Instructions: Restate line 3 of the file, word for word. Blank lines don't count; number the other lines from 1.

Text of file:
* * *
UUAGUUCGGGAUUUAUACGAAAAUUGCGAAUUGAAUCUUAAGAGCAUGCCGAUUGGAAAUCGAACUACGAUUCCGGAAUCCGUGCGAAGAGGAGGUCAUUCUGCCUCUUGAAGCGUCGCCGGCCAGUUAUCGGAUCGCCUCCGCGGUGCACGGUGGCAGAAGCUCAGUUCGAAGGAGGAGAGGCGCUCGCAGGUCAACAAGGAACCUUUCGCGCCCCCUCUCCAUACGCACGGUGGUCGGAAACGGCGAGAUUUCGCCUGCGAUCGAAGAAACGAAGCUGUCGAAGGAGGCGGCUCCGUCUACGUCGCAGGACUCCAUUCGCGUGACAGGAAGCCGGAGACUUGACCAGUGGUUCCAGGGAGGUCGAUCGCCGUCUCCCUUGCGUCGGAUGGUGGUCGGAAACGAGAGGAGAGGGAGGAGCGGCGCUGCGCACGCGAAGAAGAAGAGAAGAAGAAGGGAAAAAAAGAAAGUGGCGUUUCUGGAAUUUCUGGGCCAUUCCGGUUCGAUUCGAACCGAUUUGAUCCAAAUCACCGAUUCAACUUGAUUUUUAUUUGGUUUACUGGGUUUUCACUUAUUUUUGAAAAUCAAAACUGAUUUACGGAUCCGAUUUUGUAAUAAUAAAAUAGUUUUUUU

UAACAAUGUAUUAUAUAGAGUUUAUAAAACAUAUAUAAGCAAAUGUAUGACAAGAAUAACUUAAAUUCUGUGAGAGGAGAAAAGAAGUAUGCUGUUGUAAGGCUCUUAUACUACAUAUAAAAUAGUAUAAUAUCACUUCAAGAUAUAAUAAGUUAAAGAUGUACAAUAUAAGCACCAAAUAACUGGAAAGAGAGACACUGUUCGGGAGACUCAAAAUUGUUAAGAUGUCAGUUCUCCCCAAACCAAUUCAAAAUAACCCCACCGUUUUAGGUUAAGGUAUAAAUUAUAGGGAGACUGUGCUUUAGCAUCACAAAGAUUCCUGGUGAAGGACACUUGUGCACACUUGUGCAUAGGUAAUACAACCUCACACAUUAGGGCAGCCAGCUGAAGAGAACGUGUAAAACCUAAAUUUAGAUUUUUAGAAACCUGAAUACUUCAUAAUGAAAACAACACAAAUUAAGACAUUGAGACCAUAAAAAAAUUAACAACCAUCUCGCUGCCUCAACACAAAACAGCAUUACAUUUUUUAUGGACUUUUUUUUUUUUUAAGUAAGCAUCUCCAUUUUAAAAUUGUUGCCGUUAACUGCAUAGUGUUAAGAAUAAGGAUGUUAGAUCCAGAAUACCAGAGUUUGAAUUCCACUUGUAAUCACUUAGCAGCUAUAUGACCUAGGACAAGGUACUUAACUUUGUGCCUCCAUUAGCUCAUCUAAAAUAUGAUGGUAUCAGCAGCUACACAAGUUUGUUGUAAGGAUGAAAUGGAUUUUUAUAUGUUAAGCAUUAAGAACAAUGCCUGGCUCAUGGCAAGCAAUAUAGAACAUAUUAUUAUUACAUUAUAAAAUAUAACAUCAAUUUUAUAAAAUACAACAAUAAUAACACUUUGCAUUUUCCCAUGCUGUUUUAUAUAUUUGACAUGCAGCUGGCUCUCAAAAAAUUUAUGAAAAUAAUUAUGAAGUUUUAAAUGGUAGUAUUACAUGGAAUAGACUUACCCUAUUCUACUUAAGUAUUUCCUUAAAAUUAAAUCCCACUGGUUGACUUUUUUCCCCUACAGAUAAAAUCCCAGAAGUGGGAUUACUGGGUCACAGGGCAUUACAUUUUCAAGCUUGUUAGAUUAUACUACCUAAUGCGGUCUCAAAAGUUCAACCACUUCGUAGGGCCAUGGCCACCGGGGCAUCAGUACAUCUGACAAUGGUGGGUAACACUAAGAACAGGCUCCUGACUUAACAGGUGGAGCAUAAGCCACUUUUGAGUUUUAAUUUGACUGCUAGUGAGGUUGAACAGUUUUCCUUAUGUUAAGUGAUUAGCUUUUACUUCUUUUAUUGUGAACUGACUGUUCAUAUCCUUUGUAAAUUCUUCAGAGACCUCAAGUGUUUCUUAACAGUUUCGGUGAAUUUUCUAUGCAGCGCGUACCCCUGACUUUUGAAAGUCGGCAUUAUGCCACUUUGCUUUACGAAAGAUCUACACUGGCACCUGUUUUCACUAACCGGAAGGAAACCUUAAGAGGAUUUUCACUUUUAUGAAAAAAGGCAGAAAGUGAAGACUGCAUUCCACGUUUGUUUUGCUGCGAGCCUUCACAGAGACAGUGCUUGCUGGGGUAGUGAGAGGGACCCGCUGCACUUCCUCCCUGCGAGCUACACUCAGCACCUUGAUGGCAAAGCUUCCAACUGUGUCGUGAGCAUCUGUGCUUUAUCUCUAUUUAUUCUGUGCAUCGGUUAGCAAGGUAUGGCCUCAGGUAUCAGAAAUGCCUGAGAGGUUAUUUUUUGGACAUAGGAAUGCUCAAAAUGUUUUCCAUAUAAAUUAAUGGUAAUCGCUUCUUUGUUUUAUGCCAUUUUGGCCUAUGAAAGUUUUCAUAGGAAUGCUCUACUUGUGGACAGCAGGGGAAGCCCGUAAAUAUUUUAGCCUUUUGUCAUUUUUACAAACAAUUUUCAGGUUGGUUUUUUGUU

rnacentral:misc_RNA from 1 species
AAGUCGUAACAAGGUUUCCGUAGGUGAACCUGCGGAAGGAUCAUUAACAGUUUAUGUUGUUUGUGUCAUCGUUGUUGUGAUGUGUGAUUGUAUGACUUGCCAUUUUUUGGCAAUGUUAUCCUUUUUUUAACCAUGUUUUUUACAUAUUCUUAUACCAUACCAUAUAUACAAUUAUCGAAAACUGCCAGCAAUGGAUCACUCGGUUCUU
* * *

rnacentral:misc_RNA from 1 species